Anonymous said...

Hi, Dave

Congratulations on the thousandth post. I haven't been a reader for very long, only since December. One of the earliest posts that I read was titled "Cold," and it had a very profound affect on my appreciation of how cavalierly we all may be in heaping indignities on each other, people with disabilities or not. My favorite posts, generally, are those where you use your own experiences as a counterpoint to the experience of those you work with/for.

Anonymous said...

Hi Dave,
I read you every day and have probably been doing so for the past two years or more. I am the mother of a beautiful 16 year old young woman with Angelman Syndrome. I love all your posts but the one that stays in my head the most is your Ten Bits of Advice to parents. It really hit the spot with me and I've since shared it with other parents of Angelman Children.

Thank you for sharing your insights and adventures with us. I look forward to reading the next 1000 posts.


Anonymous said...

Congratulations! I'm a new follower ... a few months. You are a gifted writer. I am particularly touched by your affection and advocacy for people with Down Syndrome. I hope you come to NJ some time.

Debbie from NJ said...

I found your Blog through one of the Down Syndrome Yahoo groups I belong to. I've been reading your Blog every day for over a year, but have only commented a few times. You often give me a perspective I've never considered (and I pride myself on considering what someone else might be thinking or experiencing).

One of the most memorable for me was what I call "God Rules", but you called "Half the Story":

I'm working on teaching my eight-year-old daughter with Down Syndrome this concept -- there are rules (the God Rules) that we must always follow. Other rules are rather silly, or don't make sense, and we can sometimes break them!

Whatshername? said...

Happy 1001!

I don't comment much, just because language for me is draining and annoying. I read you everyday.
I don't have a favorite, I like them all.

Richad H said...

Greetings Dave
From Australia
I read your Blog every night before bed.
I have to confess to identifying with a lot of your situations ad predicaments.
Keep up the good work

CJ said...

I want you to keep writing! No time limits. ;<)

Mazel Tov.

Ali said...

I've been a daily visitor since I saw you speak in New Jersey several months ago. Loved your presentation, and love the blog. I find myself sharing your posts with friends and co-workers regularly.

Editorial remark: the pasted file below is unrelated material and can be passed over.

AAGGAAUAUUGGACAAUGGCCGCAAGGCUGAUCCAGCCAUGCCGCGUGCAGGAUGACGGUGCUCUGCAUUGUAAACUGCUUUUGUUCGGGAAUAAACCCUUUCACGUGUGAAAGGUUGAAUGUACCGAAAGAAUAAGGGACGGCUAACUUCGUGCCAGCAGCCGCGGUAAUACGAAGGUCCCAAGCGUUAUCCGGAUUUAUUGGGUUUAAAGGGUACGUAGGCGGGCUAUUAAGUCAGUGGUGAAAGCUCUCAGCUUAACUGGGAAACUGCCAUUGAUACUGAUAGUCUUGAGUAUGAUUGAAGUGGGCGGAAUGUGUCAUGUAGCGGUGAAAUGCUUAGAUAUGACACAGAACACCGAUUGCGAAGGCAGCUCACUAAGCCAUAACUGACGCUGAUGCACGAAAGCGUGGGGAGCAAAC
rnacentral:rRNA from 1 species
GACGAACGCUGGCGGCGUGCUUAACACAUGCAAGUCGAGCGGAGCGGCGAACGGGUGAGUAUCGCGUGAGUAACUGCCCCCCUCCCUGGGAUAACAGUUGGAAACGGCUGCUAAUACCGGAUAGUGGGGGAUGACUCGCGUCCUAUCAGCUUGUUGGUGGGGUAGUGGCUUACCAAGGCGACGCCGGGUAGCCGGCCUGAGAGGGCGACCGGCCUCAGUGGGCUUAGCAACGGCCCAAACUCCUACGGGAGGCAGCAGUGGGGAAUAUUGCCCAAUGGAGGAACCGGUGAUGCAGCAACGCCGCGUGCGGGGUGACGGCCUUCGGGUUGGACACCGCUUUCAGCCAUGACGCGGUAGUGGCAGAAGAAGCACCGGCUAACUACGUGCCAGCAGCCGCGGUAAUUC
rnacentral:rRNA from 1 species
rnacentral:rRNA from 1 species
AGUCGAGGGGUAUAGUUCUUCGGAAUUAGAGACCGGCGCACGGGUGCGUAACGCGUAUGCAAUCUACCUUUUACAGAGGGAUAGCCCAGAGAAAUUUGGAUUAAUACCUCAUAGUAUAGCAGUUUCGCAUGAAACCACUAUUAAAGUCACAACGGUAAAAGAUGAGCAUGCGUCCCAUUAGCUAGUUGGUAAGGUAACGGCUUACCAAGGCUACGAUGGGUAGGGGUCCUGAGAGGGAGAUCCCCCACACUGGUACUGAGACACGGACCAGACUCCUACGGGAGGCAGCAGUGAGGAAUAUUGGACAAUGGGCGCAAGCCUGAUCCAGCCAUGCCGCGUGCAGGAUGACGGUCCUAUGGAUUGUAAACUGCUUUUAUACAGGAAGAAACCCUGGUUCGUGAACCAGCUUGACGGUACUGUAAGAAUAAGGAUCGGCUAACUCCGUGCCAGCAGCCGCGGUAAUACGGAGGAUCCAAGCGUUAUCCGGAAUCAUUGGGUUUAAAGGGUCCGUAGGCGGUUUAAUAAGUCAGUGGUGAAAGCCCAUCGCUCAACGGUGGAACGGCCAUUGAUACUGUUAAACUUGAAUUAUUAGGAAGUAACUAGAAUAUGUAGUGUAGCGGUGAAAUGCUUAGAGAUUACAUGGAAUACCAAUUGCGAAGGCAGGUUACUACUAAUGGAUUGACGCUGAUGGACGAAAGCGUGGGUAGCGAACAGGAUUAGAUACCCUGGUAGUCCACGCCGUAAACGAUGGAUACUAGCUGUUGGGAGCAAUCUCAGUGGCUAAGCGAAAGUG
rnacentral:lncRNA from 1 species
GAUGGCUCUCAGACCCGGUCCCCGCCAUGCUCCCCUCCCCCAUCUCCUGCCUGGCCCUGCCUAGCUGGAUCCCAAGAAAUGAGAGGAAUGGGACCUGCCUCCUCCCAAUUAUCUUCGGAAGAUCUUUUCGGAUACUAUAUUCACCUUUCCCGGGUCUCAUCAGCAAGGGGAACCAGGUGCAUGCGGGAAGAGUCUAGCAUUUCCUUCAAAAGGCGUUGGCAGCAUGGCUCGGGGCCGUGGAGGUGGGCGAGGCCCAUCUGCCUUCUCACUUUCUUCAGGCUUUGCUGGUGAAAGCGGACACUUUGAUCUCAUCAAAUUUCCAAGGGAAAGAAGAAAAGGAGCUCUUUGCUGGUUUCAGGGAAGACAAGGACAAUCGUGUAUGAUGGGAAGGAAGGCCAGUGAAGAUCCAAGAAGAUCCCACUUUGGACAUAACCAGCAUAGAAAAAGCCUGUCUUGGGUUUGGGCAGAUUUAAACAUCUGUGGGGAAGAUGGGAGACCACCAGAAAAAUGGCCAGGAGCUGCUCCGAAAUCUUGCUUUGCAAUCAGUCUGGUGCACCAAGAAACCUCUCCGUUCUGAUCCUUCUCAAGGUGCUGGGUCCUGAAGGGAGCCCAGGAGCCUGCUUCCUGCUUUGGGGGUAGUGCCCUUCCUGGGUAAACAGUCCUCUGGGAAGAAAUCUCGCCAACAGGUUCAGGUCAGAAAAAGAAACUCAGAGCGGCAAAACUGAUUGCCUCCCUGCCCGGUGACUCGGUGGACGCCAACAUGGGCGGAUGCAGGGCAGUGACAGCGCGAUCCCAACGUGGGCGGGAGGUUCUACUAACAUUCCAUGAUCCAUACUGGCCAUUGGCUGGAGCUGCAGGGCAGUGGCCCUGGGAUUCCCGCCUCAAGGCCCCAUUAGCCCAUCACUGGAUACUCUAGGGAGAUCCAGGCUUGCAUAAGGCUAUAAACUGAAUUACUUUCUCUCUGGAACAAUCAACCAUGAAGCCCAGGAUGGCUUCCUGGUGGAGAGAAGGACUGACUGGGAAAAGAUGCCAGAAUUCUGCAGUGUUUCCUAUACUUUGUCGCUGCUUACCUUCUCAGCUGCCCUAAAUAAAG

Erin said...

I can't narrow it down to one blog, Dave. You provide insight on many of your blogs you put a smile on my face with others. Keep it up.

Anonymous said...

I first started reading your blog by following a link for the "attended luggage" incident. I've been hooked ever since. I adore your sense of humor and joie de vivre. Be confident in your ability to inspire and teach others; it is a gift.

Two of my favorite posts are "Toast" and "Carded". They are real-world lessons in behavior and attitude.

Already your blog is influencing my thinking and behavior as a Special Olympics volunteer coach.

So, thank you Dave, for rolling around in MY head.

Molly C said...


Molly C said...

PS I read every day. But rarely comment. I work at a special needs summer camp (which is basically the best job ever) and I keep my eyes peeled for wheelchair access in random places now. Because of you!

PPS I was in Cali for a few weeks, and a little boy in a wheelchair was going up this HUGE hill. He rocked it. In a manual wheelchair.

PPPS. How do you respond to an awkward question? I had a girl with Down Syndrome ask me if I was pregnant. I said "nope, I'm just chubby" but I was sort of at a loss for words. I'd hate for her to catch the wrath of someone for asking a question like that.

Anonymous said...

I like to start my day by reading your blog! I don't comment just like to roll it around in my head. Thanks Dave.

Carleigh said...

Hi Dave,

I found your blog via the Consumerist and have since read it first every day in my Google Reader. My partner has a disability (total blindness, since birth) and everyday is a new adventure of navigating the world, fighting our neighbors who park on the sidewalk, and getting bank tellers and grocers to talk directly to Scott instead of to me about him. I also work in disability services for University students. We live in San Francisco and he's not a blog lover but I am, and so I thoroughly enjoy you, your antics/adventures, and finnaly, happy 1001st.

michelle g. said...

Hi Dave,
I have a 3 year old daughter with Down syndrome. Two of my favorite posts are the one when the young lady with DS shows kindness & understanding to the frazzled mom in the food court, thereby reversing the attitudes of everyone watching (judging) that mom.(I think the post ended something like "What the hell is in that extra chromosome, anyway?") The other one that brought tears to my eyes was about the small child with DS in the bookstore reading alone in a chair.

My girl is proof that there is a God. She is amazing.

Thanks for sharing yourself with others.


Anonymous said...

I just want to add my congratulations. I've been reading every day for perhaps two years now, but this is my first comment. I've shared your blog with a number of people, and it's opened my eyes in new ways as well. I can't think of a particular favorite post. Thanks!